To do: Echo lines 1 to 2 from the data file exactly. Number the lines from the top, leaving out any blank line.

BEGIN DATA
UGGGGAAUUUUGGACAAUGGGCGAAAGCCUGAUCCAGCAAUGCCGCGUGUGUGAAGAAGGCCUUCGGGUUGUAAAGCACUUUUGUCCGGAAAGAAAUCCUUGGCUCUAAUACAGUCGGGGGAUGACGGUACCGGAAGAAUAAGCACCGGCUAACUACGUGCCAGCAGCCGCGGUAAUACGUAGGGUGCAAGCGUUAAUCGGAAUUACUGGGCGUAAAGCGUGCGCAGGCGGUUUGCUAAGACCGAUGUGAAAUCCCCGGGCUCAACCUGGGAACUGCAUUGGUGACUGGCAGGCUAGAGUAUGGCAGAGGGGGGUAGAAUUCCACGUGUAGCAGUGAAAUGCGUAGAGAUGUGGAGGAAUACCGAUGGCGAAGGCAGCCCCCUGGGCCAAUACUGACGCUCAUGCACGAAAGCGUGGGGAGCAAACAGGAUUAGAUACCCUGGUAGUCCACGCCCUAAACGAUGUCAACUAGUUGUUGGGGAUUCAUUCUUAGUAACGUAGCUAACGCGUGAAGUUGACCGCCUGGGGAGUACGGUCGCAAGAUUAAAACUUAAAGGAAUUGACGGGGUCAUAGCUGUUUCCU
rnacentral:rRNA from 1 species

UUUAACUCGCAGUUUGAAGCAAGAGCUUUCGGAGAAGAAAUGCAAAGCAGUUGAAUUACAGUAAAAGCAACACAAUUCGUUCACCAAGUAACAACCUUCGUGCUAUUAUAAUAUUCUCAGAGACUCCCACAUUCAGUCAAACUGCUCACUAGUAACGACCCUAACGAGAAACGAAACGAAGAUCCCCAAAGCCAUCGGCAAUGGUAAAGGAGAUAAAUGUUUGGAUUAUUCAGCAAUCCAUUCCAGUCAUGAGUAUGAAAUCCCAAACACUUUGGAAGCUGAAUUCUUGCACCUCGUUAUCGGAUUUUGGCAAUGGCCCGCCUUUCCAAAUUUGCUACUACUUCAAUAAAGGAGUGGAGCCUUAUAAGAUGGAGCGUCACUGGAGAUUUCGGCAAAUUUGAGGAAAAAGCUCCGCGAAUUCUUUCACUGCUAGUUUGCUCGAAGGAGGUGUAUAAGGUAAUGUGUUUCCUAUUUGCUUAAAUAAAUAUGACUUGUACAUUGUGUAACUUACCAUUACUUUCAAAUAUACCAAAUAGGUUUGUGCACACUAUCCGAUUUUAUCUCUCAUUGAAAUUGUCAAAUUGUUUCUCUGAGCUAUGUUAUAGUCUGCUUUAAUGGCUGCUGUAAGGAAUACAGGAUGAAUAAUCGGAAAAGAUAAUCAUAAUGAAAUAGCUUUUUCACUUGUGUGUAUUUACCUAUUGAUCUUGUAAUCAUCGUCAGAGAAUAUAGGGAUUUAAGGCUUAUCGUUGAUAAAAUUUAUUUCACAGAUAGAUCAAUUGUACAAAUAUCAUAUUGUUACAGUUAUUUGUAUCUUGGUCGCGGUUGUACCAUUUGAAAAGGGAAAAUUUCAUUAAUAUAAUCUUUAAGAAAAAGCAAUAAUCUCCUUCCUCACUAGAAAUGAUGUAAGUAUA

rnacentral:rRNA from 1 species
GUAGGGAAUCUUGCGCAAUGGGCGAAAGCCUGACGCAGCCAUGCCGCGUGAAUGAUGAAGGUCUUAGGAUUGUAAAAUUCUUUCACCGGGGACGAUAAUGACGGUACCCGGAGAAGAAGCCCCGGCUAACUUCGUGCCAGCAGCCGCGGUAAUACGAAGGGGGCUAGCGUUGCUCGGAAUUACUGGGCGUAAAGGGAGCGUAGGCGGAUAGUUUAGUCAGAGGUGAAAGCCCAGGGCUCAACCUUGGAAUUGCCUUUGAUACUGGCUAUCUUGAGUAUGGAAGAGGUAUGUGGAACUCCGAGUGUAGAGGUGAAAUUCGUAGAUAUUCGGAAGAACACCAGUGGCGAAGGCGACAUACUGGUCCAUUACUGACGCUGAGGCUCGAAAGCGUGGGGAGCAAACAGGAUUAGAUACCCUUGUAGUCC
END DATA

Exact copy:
UGGGGAAUUUUGGACAAUGGGCGAAAGCCUGAUCCAGCAAUGCCGCGUGUGUGAAGAAGGCCUUCGGGUUGUAAAGCACUUUUGUCCGGAAAGAAAUCCUUGGCUCUAAUACAGUCGGGGGAUGACGGUACCGGAAGAAUAAGCACCGGCUAACUACGUGCCAGCAGCCGCGGUAAUACGUAGGGUGCAAGCGUUAAUCGGAAUUACUGGGCGUAAAGCGUGCGCAGGCGGUUUGCUAAGACCGAUGUGAAAUCCCCGGGCUCAACCUGGGAACUGCAUUGGUGACUGGCAGGCUAGAGUAUGGCAGAGGGGGGUAGAAUUCCACGUGUAGCAGUGAAAUGCGUAGAGAUGUGGAGGAAUACCGAUGGCGAAGGCAGCCCCCUGGGCCAAUACUGACGCUCAUGCACGAAAGCGUGGGGAGCAAACAGGAUUAGAUACCCUGGUAGUCCACGCCCUAAACGAUGUCAACUAGUUGUUGGGGAUUCAUUCUUAGUAACGUAGCUAACGCGUGAAGUUGACCGCCUGGGGAGUACGGUCGCAAGAUUAAAACUUAAAGGAAUUGACGGGGUCAUAGCUGUUUCCU
rnacentral:rRNA from 1 species